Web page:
Can we make great art on Twitter? We'd be bloody idiots not to try.
Declarations of Interest:
Firstly, I am a writer and I tweet, so I guess this could read like a pitch for work. That wasn't the intention. But hell, I'm open to offers.
Secondly, later this year, along with the abovementioned Dan Rebellato, I'm taking part in an R+D for Pilot Theatre (working title: #tag), where we're going to look at how we create a drama that unfolds on Twitter, possibly over quite a long time. That's an enormously exciting project, but what I'm talking about here is more modest. At root, I'm just wondering if theatres can make their feed more interesting. The word "more" is optional in that sentence.
Thirdly: big thanks to @patrickriot for the fantastically stimulating conversation that finally prompted me to get on and write this post.
Addendum - 25/01/11
There's a distinction to be drawn here between two effective uses of Twitter. There are plenty of individuals using Twitter well and interactively on behalf of their organisations, tweeting provocative and interesting stuff and generally being a very human face. Several of them are name-checked below in the comments.
But that's different to using social media as a place to generate artistic work. That's happening very sporadically, although again there are exceptions. @andytfield's various "imaginary theatre" projects are lovely for the medium. But there could be a whole lot more.
It's a legal requirement of shareholder-owned companies that they prioritise maximisation of profits above all other ends. BP are going big on that right now. The Gulf of Mexico gig was just their warm-up. By drilling in the Arctic, they appear to have realised that, faced with a choice between ending the world and not ending the world, they are legally obliged to end the world if that would lead to greater profits for their shareholders.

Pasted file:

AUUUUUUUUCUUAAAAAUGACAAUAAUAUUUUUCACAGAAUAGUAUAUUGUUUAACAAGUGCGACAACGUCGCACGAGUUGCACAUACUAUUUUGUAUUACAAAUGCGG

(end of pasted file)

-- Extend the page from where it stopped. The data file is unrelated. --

Yep, very funny Dan: but seriously. What they're required to do is no more than everything "within the law and their code of professional practice", or equivalent lawyer's fudge. Surely ending the world is not within the law, or permitted by any code of professional practice?
Um, well, I think we might have a loophole here, big enough that we won't even need that bloke who gets celebrities off speeding offences. So long as the law permits drilling holes into a methane swamp and super-heating the atmosphere, the fact that it's manifestly catastrophic to do so is neither here nor there. The worst they'll get is corporate manslaughter of everyone on the planet, and in any case they'll probably call it an act of God, before attempting to call Him as a character witness. It's the biggest loophole in the history of law.
One silver lining: their responsibility to shareholders is to maximise profit in the long term, so they can still be found negligent if, by ending the world, they shorten the term over which profits can be earned. Thing is, at the current rate of political progress, Cancun notwithstanding, only Doctor Who will be in a position to haul them up for it.
Running with an idea
Running commentary on: